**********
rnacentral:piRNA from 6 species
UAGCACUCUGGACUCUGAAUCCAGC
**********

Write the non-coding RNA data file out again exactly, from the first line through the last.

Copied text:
rnacentral:piRNA from 6 species
UAGCACUCUGGACUCUGAAUCCAGC